Salivary cortisol patterns and cognitive speed in major depression: a comparison with allergic rhinitis and healthy control subjects

H.M. den Hartog*, N.A. Nicolson, M.M A. Derix, A.L. van Bemmel, B. Kremer, J. Jolles

*Corresponding author for this work

Research output: Contribution to journalArticleAcademicpeer-review

Abstract

Few studies have investigated the relationship between cortisol and cognitive functions other than memory in depression. This study investigated daily salivary cortisol patterns (basal cortisol levels at 08:00, 16:00, and 21:00 h and flatness of the diurnal curve) in relation to cognitive speed and memory. Twenty-seven unmedicated outpatients with major depressive disorder (MDD) were compared with 36 healthy controls and with 20 allergic rhinitis patients, to determine whether effects should be ascribed to MDD or to more general disease-related processes. MDD patients were characterised by a flatter diurnal cortisol curve and by reduced cognitive speed. Flatter cortisol curves were associated with cognitive slowness. However, this relationship is unlikely to be causal; after control for depressive symptoms and group membership, flatness of the diurnal cortisol curve was no longer a significant predictor of cognitive slowness. Thus, MDD and related depressive symptoms appeared to be independently associated with altered cortisol secretory patterns and with decrements in cognitive speed.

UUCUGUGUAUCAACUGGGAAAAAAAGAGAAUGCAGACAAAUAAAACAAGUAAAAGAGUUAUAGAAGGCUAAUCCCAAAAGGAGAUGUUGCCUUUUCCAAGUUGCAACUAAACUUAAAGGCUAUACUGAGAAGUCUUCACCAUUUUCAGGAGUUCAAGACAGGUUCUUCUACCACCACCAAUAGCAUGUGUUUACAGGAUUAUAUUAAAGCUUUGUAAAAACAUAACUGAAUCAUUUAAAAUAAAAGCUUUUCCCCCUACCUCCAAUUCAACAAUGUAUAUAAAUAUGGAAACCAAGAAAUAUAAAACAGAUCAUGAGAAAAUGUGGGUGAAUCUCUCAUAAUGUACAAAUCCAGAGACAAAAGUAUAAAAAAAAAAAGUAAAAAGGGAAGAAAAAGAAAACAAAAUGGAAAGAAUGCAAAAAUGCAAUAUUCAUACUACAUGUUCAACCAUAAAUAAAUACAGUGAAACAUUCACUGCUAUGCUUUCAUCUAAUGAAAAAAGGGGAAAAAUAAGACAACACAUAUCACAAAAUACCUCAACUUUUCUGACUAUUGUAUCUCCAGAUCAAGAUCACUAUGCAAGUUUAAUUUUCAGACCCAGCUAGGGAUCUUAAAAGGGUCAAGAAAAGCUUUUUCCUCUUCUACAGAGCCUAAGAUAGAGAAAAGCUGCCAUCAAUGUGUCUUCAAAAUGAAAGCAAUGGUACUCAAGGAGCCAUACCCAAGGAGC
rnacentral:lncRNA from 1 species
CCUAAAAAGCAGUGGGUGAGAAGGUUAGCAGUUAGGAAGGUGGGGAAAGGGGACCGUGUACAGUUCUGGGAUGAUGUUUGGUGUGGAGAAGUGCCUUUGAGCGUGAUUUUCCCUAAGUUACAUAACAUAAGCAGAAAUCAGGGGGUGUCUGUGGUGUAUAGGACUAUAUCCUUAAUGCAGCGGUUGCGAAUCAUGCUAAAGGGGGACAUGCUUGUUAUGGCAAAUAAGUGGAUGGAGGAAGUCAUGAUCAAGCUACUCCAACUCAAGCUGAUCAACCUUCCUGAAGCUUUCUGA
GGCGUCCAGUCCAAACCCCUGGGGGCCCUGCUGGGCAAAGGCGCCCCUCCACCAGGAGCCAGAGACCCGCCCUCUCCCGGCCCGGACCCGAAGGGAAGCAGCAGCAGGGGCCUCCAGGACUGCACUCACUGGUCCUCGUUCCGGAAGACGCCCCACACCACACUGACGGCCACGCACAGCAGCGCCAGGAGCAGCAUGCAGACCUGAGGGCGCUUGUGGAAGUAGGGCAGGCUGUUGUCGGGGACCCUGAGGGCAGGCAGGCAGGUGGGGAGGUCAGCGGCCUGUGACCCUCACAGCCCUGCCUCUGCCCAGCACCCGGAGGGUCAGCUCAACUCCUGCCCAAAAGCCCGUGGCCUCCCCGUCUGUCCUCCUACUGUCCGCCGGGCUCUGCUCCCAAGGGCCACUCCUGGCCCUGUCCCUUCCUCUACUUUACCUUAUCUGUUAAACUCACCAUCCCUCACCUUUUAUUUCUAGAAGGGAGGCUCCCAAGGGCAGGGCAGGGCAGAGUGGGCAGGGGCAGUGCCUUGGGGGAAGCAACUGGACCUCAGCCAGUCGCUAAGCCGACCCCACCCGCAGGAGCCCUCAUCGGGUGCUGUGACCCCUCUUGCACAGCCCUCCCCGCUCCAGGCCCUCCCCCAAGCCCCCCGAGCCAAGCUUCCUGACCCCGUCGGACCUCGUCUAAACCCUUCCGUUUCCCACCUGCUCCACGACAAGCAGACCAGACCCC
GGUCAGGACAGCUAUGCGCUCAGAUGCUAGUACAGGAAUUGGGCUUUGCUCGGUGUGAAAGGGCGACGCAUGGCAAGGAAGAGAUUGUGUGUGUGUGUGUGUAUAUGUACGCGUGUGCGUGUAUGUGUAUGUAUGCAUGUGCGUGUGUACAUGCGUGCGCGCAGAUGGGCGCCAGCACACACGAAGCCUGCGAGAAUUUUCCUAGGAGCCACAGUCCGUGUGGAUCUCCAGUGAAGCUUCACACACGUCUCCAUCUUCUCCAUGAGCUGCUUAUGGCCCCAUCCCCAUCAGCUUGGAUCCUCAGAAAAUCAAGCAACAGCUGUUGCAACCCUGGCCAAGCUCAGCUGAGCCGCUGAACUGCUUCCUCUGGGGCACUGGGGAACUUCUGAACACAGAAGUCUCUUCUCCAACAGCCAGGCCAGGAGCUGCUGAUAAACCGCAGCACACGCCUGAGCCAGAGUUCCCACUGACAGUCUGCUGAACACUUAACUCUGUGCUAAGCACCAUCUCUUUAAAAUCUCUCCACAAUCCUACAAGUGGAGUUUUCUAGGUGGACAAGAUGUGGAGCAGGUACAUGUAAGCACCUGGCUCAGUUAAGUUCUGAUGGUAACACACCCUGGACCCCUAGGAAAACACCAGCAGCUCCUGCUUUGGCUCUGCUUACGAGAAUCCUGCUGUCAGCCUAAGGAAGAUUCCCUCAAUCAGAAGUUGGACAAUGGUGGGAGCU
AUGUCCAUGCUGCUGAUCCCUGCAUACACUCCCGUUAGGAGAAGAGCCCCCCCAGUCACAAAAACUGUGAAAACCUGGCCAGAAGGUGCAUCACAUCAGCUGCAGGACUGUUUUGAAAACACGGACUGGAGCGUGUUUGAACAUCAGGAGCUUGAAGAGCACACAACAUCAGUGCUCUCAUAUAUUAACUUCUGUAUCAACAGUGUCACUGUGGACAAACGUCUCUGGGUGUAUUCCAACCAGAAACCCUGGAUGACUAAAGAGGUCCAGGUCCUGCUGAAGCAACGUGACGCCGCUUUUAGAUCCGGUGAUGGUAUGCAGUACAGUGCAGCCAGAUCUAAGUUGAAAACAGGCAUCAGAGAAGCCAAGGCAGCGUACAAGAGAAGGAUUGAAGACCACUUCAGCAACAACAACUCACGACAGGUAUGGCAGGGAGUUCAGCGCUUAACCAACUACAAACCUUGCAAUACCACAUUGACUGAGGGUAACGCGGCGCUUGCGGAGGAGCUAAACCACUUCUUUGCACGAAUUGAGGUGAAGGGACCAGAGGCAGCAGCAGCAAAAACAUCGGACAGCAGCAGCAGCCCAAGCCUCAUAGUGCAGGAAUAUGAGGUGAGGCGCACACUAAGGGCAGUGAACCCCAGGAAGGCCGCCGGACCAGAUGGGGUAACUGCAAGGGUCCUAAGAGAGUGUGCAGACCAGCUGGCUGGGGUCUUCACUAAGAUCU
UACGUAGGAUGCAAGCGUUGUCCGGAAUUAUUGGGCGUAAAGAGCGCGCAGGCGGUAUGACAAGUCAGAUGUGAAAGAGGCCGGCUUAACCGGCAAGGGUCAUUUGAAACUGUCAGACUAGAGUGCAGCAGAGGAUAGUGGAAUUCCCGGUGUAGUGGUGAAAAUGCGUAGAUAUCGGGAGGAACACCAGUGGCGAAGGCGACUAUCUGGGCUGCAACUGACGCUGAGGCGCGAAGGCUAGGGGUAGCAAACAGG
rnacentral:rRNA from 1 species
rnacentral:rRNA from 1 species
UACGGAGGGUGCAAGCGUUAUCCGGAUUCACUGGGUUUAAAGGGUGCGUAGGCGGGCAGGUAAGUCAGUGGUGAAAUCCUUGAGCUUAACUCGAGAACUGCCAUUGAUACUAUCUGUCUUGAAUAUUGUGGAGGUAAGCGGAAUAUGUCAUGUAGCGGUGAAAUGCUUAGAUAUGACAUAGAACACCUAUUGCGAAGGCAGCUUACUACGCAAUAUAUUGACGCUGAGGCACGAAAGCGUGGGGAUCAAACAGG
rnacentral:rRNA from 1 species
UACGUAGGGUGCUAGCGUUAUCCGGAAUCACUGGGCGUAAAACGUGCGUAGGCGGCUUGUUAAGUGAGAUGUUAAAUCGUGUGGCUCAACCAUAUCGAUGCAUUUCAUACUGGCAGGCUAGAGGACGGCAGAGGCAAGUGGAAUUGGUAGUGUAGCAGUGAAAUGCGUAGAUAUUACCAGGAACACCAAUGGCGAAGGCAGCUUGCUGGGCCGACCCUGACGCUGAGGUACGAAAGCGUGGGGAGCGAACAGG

Original languageEnglish
Pages (from-to)1-14
JournalBiological Psychology
Volume63
Issue number1
DOIs
Publication statusPublished - 1 Jan 2003

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